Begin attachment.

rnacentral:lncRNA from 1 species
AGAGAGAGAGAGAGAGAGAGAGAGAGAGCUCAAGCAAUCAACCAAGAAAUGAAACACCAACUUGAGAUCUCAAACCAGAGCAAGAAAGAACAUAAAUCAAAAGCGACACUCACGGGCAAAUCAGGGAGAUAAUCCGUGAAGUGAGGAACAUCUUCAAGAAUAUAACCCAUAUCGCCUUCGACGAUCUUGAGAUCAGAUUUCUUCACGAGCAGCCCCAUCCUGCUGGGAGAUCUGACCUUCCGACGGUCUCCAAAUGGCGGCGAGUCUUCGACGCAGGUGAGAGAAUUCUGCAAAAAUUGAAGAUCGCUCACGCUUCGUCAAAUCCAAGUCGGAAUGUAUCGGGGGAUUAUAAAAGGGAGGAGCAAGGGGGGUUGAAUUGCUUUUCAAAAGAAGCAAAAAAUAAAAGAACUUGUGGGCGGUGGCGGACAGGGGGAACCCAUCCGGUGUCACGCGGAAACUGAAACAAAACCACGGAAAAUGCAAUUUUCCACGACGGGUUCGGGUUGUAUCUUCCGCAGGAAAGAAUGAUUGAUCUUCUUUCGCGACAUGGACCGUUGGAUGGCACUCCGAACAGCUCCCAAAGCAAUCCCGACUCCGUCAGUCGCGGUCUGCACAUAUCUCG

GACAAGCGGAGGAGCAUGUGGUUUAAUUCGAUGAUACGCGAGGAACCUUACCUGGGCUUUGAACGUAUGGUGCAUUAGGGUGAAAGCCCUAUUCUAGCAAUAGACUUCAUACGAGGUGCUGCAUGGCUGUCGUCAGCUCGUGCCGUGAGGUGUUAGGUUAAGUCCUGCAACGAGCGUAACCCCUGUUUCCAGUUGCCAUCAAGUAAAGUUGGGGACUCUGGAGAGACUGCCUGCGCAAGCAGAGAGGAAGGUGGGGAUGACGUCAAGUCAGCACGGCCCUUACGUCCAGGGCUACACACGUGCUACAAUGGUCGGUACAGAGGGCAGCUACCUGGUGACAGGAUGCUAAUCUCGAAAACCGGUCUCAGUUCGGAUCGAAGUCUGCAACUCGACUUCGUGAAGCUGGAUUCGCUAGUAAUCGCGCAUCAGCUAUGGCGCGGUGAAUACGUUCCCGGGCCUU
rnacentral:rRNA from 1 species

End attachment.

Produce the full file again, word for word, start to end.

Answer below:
rnacentral:lncRNA from 1 species
AGAGAGAGAGAGAGAGAGAGAGAGAGAGCUCAAGCAAUCAACCAAGAAAUGAAACACCAACUUGAGAUCUCAAACCAGAGCAAGAAAGAACAUAAAUCAAAAGCGACACUCACGGGCAAAUCAGGGAGAUAAUCCGUGAAGUGAGGAACAUCUUCAAGAAUAUAACCCAUAUCGCCUUCGACGAUCUUGAGAUCAGAUUUCUUCACGAGCAGCCCCAUCCUGCUGGGAGAUCUGACCUUCCGACGGUCUCCAAAUGGCGGCGAGUCUUCGACGCAGGUGAGAGAAUUCUGCAAAAAUUGAAGAUCGCUCACGCUUCGUCAAAUCCAAGUCGGAAUGUAUCGGGGGAUUAUAAAAGGGAGGAGCAAGGGGGGUUGAAUUGCUUUUCAAAAGAAGCAAAAAAUAAAAGAACUUGUGGGCGGUGGCGGACAGGGGGAACCCAUCCGGUGUCACGCGGAAACUGAAACAAAACCACGGAAAAUGCAAUUUUCCACGACGGGUUCGGGUUGUAUCUUCCGCAGGAAAGAAUGAUUGAUCUUCUUUCGCGACAUGGACCGUUGGAUGGCACUCCGAACAGCUCCCAAAGCAAUCCCGACUCCGUCAGUCGCGGUCUGCACAUAUCUCG

GACAAGCGGAGGAGCAUGUGGUUUAAUUCGAUGAUACGCGAGGAACCUUACCUGGGCUUUGAACGUAUGGUGCAUUAGGGUGAAAGCCCUAUUCUAGCAAUAGACUUCAUACGAGGUGCUGCAUGGCUGUCGUCAGCUCGUGCCGUGAGGUGUUAGGUUAAGUCCUGCAACGAGCGUAACCCCUGUUUCCAGUUGCCAUCAAGUAAAGUUGGGGACUCUGGAGAGACUGCCUGCGCAAGCAGAGAGGAAGGUGGGGAUGACGUCAAGUCAGCACGGCCCUUACGUCCAGGGCUACACACGUGCUACAAUGGUCGGUACAGAGGGCAGCUACCUGGUGACAGGAUGCUAAUCUCGAAAACCGGUCUCAGUUCGGAUCGAAGUCUGCAACUCGACUUCGUGAAGCUGGAUUCGCUAGUAAUCGCGCAUCAGCUAUGGCGCGGUGAAUACGUUCCCGGGCCUU
rnacentral:rRNA from 1 species